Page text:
What happened next he could not tell. He was threshing about the stateroom with another man; that was all. Presently he found an electric torch flashing upon him, and knew that he was standing, trembling, with Garrity’s hand on him and Garrity’s voice in his ear.
“For the love o’ heaven, Parson!” cried the engineer excitedly. “Will ye not be content with killin’ the lad—”
“Killing!” echoed Venable. “He was waiting in here—”
“There’s a hell of a mess up for’ard,” thrust in Garrity. “Jason is—”
A dark shape appeared, crutch stamping to the roll of the ship, and Abe Gerin burst upon them in a blaze of energy. Garrity had extinguished the light.
“Venable—ah, I thought you’d be here! Get to the bridge—hurry! They’ve found that the Captain has disappeared, and the mate—”
“Quick!” snapped Garrity With a shove that sent Venable staggering away. “For’ard with ye, Parson! And take this along.”
Venable felt an automatic pushed into his coat pocket as he left.
Dazed, bewildered by what had taken place, he stumbled through the blackness, conscious of an uproar around him. At the bridge ladder he collided with Boris Kryalpin.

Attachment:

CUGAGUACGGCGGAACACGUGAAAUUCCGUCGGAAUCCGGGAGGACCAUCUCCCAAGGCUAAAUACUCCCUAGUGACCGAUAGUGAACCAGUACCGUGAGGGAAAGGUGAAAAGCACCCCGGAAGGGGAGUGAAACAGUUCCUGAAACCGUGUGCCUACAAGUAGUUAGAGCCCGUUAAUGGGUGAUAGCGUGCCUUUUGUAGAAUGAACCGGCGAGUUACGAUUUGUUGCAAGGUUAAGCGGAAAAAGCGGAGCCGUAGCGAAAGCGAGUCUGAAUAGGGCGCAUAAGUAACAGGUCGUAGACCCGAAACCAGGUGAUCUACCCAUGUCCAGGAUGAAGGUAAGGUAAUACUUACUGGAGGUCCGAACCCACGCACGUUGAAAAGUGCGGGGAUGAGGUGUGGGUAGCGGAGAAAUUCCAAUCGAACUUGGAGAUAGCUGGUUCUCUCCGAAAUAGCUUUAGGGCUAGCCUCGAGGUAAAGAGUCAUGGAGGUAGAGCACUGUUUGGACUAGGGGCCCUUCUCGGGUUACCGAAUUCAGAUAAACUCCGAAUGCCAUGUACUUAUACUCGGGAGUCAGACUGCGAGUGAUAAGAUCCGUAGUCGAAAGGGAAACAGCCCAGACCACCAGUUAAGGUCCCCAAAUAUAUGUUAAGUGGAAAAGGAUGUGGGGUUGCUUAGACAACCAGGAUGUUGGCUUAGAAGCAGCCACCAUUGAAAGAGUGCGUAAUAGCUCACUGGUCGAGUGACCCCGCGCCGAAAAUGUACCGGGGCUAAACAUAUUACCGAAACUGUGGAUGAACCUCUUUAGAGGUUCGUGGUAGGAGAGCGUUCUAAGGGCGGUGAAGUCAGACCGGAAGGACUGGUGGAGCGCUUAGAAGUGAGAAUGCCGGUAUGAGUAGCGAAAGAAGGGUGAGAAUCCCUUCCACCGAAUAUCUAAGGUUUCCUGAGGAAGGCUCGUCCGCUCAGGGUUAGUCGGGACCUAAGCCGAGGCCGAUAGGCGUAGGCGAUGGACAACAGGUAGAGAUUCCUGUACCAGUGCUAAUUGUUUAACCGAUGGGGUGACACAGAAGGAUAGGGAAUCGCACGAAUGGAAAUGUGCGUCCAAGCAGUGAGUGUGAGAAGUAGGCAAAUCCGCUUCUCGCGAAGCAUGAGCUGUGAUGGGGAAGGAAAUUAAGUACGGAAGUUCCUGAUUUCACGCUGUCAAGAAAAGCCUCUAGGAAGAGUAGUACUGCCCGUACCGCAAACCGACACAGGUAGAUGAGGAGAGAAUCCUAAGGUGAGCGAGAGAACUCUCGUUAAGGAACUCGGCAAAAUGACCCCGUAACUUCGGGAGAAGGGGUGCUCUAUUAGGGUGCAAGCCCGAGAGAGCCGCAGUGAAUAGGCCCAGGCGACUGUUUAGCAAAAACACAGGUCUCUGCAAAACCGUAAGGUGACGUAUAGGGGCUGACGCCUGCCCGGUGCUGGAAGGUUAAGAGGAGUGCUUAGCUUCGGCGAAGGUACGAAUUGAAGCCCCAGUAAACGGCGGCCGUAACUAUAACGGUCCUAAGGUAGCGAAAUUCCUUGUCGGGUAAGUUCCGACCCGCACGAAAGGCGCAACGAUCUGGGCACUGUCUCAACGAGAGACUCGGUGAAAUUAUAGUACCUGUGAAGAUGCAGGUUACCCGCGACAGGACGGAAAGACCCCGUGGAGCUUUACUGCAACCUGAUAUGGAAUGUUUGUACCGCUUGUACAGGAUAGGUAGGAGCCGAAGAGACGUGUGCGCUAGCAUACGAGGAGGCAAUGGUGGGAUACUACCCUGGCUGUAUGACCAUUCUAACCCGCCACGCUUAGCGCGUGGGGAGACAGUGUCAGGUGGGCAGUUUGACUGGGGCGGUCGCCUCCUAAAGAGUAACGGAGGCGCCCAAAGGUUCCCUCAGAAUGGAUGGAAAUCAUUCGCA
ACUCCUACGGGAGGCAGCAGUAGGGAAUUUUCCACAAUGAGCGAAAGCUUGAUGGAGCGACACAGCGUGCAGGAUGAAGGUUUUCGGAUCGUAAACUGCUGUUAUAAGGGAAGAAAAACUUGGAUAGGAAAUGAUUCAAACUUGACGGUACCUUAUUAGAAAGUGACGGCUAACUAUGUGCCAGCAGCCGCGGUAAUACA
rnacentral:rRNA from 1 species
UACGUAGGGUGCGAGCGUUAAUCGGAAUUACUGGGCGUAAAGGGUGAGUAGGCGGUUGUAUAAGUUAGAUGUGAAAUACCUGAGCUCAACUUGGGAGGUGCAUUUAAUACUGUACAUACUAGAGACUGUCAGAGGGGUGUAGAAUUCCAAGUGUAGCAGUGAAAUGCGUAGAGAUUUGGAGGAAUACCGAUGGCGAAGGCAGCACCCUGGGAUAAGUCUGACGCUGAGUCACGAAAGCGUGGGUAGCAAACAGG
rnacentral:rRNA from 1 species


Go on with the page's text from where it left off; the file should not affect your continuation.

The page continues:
“Ah, Venable!” The voice of Boris was now steely, vibrant, and it lifted in a shout to the bridge above. “Here he is, Jason! Up with you, Venable—take charge of the ship! Captain Hewson has vanished.”
Venable did not stop to consider that Boris seemed actually in charge of the ship; he hastily gained the bridge, where Mr. Jason was dancing about and yelling frantic orders. He seized on Venable and gave him a push toward the wheel-house.
“Take charge!” he foamed. “Course is so’theast a quarter south—and git up a storm-apron—blowin’ hell’s bells ’fore morning. I’ll be back soon.”
He disappeared, with Boris, leaving Venable in charge of the ship.
ON the deck below was pandemonium, blackness, spindrift. The ship was bucking into a head-wind that pounded her with seas and kept her forward deck sluiced down continually, while Li Ho and another man at the wheel were kept at work to hold her steady.
From the confusion Venable gathered that search was being made for the missing Hewson. What had happened, he did not exactly know; things had broken too suddenly. But now, as though by some magic, his bewildered brain cleared. His hesitation was gone. He realized that he stood face to face with a dozen perils, and the knowledge steadied him, snapped his brain into cool precision.